• 14. Some stats • 1.5-2.3 million persons have mild to mod dementia • Cognitive impairment affects > 5% of those over 65 years., ~20% of those over 75 • Approximately 50% of nursing home residents have irreversible dementia • ~70% of primary medical pt.s presenting with cognitive deficits may have SDAT
  • 15. Intervention with confused pt.s • Validation techniques should be employed • Beliefs and values of validation: – People are unique – There are reasons for disruptive behaviors – Behavior reflects physical,social and psych changes across the lifespan not just anatomic changes – Behaviors can be changed only if a person wants to change
  • 16. Validation con’t – People must be accepted non-judgmentally – When more recent memory fails, elders try to restore balance to their lives by retrieving earlier memories – When a trusted listener acknowledges pain, pain diminishes – Empathy builds trust, reduces anxiety and restores dignity
  • 17. Depression • Def: Alteration or disturbance of mood. • Onset: recent • Duration variable • Alertness: diminished ability to communicate • Orientation: “Don’t know answers” • Affect: Flat
  • 18. Depressive Disorders common in the elderly • Major Depressive Disorder • Dysthymic Disorder • Mood disorder Due to General Medical Condition • Adjustment disorder with Depressive Mood • Depressive Disorder Not Otherwise Specified
  • 19. Differentiating Dementia from Depression Feature Organic Dementia Depression Onset Slow Rapid Course Slow, worse at night Rapid and uneven same at night Memory Greater loss recent Apathetic I don’t know Orientation Approximate, perserverant Apathetic as above
  • 20. Affect Inappropriate Constricted Neuro vegetative signs None Possible sleep,appetite, bowel or bladder, sex dys
  • 21. Factors leading to depression • 1. Grief/ bereavement • 2. Change in support network • 3. Change in physical function
  • 22. Medical disorders causing depressed mood • Occult malignancy • Infectious process • Hypothyroidism • Apathetic hyperthyroidism • Cushing’s syndrome • Addison’s disease • Panhypothyroidism • Parkinsons • Dementing illness • CHF • CRF • COPD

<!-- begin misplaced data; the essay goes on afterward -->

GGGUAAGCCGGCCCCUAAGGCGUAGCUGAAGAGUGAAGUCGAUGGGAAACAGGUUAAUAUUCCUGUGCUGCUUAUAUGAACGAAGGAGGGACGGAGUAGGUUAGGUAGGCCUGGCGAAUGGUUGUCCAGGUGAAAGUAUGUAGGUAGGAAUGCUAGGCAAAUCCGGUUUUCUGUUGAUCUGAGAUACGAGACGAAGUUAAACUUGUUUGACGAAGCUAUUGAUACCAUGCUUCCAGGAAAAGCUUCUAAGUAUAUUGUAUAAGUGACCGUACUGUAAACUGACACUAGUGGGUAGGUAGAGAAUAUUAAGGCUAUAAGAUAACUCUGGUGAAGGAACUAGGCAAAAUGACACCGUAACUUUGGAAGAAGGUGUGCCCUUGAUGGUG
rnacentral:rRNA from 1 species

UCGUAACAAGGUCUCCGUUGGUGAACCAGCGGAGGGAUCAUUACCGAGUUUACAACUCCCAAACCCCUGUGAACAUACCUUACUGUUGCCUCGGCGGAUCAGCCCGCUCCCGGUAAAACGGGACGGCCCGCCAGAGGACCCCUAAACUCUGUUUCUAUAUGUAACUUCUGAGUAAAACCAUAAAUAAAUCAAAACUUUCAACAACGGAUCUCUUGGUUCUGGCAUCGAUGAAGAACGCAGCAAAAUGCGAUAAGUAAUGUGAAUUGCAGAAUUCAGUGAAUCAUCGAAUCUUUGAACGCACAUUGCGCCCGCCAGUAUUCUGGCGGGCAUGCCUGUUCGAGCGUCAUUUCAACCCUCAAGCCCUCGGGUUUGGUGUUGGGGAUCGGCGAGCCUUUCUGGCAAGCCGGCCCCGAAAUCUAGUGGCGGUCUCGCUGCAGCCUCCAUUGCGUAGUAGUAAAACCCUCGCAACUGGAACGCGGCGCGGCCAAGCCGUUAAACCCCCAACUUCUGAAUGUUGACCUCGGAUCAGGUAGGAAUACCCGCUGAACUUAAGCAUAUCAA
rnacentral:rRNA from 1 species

• 23. Meds Asc. With depressed mood • Antihypertensives • Reserpine • Methyldopa • Beta blockers • Hydralazine • Histamine type II Receptors/Blockers • Digoxin • Oral hypoglycemics • CNS depressants • Barbituates • Neuroleptics • Opiates • Alcohol • Steroids • Cytotoxics
  • 24. Depression Assessment tools • Beck- Long form cut off score of 10 indicates depression. Short form is just as good and takes just 5 minutes. • Zung- self report. The greater the score the greater the depression. Not the best for elderly since it was validated on college students. 80 is the highest score and most indicative of depression.
  • 25. Depression assessment tools con’t • Geriatric Depression scale: a score of >8 is 90%sensitive,80%specific for depression. A score of over 5 may indicate depression. Of the 30 items, one point is awarded for each response that matches the yes or no at the end of the question.
  • 26. Holmes and Rahe Social Adjustment Scale
  • 27. Why is the identification of depression so important? • Hip fracture outcomes, have been shown to depend on the absence or presence of depression. • ~13-18% of the community dwelling elderly have depression • Elderly medical pts. ~ 20% are depressed! • Suicide rates are disproportionately high among the elderly • Report your potential findings to the team so that this disorder can be treated.